Too much of what passes for public discourse in our day of unlimited data retrieval seems to be informed by our emotional response to pre-packaged incomplete data, designed to create that emotional response. That there is research to support this opinion saddens me. Of greater interest to me were Prof.
He indicates that much of what the courts do, and have always done is not driven by a simple reading of enacted legislation. The notion that the more conservative approach is always the exclusive reading of the legislative documents is in fact a rejection of how law is and has been and is designed to function. Llewllyn contends that the fact that a dispute is allowed into a court is because other solutions have failed.
Even today judges will require evidence that the disputants civil cases in particular have exhausted administrative relief and that arbitration has not satisfied the parties.
From this point case law provides the rules to direct the process of the case as well as precedence for deciding this type of case. None of this information is typically or necessarily part of enacted law.
Because this is material intended for a lecture series presentation tends to precede depth. The result is that this book is more accessible to a non-technician. Professor Llewellyn speaks from his positive passion for his profession and from his desire to direct students rather than to assure his students.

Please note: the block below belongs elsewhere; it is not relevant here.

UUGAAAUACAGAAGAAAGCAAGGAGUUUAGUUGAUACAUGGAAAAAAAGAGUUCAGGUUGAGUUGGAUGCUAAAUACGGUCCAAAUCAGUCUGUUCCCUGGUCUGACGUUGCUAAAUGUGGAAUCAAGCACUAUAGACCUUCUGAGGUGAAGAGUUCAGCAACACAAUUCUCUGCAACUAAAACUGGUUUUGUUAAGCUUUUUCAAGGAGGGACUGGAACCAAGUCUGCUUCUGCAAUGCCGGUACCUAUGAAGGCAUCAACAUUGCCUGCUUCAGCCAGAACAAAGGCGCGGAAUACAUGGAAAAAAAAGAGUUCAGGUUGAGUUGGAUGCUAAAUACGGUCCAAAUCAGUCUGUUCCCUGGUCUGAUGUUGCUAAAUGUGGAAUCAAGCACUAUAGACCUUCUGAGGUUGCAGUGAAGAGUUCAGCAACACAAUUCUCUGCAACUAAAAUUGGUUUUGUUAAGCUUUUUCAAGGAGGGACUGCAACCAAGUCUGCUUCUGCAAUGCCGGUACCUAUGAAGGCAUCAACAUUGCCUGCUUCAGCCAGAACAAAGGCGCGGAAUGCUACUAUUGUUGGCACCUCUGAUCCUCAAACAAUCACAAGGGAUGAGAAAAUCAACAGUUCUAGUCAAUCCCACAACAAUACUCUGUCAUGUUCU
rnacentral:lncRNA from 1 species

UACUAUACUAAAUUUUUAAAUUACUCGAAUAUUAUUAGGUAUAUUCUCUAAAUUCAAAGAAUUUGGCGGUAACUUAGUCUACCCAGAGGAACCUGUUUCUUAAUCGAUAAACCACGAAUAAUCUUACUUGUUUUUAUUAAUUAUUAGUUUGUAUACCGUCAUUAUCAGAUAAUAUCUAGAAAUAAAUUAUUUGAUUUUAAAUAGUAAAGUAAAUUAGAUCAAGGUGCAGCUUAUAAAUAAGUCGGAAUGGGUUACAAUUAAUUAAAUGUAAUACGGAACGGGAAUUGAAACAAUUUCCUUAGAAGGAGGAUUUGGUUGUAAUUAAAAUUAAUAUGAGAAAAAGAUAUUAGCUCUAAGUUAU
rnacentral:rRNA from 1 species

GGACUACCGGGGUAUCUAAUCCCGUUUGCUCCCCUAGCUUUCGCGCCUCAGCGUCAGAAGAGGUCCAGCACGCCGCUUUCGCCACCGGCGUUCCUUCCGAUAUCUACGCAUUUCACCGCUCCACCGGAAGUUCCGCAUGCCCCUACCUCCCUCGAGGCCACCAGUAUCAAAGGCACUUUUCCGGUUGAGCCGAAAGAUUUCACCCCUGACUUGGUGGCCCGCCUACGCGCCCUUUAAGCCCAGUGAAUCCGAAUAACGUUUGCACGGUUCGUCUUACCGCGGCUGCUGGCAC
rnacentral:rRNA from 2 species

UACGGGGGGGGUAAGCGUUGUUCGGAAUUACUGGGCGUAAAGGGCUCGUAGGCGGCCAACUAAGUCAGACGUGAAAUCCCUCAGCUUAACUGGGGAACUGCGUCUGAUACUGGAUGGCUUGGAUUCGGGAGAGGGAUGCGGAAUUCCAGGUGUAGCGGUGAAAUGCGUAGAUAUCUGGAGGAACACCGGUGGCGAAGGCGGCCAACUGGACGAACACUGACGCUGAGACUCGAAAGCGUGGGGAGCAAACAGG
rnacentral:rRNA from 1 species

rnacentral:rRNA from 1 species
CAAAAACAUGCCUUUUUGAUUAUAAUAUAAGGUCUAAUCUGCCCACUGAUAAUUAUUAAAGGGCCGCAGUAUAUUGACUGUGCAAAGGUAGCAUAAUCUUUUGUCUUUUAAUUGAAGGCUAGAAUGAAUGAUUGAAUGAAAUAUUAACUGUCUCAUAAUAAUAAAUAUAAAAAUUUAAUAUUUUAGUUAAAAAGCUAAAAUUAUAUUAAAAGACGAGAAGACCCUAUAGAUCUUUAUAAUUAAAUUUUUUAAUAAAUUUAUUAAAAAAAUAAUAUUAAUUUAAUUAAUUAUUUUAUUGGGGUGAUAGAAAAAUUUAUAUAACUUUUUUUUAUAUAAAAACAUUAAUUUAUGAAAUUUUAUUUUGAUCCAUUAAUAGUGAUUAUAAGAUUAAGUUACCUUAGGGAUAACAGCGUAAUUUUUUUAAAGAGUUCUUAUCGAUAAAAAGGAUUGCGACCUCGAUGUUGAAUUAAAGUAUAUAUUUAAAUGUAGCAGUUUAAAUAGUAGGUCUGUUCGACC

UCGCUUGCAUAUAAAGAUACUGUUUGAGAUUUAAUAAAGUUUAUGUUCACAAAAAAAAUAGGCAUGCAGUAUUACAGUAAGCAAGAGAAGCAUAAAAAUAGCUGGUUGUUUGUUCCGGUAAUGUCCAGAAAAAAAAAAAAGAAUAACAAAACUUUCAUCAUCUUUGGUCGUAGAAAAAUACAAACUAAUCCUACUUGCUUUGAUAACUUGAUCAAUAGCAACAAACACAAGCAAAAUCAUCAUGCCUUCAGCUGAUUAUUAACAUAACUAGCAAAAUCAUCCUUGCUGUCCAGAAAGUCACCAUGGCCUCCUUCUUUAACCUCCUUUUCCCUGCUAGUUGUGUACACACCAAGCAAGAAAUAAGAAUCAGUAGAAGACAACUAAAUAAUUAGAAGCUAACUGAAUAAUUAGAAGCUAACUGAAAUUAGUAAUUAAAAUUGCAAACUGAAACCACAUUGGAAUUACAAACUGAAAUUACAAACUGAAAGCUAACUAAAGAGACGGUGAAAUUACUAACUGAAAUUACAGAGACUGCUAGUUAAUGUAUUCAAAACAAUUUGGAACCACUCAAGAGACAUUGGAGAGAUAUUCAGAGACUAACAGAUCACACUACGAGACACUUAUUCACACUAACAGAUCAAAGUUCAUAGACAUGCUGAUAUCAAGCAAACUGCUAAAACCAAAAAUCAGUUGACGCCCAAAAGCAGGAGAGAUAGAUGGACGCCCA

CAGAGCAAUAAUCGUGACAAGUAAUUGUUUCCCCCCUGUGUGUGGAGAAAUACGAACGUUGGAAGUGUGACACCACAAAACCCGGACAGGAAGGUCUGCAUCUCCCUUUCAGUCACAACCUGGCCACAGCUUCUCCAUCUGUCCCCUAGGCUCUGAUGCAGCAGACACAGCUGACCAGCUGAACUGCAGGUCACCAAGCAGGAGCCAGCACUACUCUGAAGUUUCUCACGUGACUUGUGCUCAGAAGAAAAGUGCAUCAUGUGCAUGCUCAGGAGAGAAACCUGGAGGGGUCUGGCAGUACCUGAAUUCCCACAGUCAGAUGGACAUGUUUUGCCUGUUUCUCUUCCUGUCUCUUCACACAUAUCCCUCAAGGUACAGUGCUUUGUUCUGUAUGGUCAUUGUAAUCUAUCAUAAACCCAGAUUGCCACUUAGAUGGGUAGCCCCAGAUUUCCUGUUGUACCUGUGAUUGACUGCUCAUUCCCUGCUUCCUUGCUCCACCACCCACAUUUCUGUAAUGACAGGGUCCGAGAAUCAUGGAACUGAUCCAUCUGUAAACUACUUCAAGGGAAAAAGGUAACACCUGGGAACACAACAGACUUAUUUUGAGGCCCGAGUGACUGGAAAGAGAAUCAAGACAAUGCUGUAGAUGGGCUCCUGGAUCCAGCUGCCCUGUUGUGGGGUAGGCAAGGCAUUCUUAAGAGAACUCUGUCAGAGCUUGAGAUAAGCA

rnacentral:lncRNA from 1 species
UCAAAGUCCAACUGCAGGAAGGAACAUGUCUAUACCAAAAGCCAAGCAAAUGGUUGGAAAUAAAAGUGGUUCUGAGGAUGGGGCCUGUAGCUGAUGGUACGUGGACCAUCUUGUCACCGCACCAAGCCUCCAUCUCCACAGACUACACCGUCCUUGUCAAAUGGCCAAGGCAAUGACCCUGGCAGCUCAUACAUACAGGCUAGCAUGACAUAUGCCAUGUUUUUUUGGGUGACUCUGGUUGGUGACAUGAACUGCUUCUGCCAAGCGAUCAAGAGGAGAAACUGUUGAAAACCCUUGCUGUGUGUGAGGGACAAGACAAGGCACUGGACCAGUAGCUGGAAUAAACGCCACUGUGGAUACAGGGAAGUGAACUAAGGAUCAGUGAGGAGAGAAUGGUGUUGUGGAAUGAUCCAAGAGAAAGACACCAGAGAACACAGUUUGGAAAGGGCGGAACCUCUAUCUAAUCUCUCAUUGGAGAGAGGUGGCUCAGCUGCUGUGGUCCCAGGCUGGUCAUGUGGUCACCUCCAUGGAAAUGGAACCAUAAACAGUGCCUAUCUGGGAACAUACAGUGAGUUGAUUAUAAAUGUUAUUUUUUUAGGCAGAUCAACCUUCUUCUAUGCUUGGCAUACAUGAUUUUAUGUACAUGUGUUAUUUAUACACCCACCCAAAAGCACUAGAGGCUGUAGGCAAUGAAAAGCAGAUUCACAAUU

I therefore feel that this book can inform a modern reader and have value beyond its intended audience. In its intended purpose, instructions for incoming law students, it may be dated but it seems valuable. As guidance for serious minded thinkers beyond a law school settling , The Bramble Bush still has much to tell.
As the title entails, the book is a collection of lectures given to prospective law school students about studying the law. As they are lectures from and , the language is at times hard to follow, but notes by the editor have cleared up much of the confusing parts. For anyone thinking of attending law school, this book gives good advice.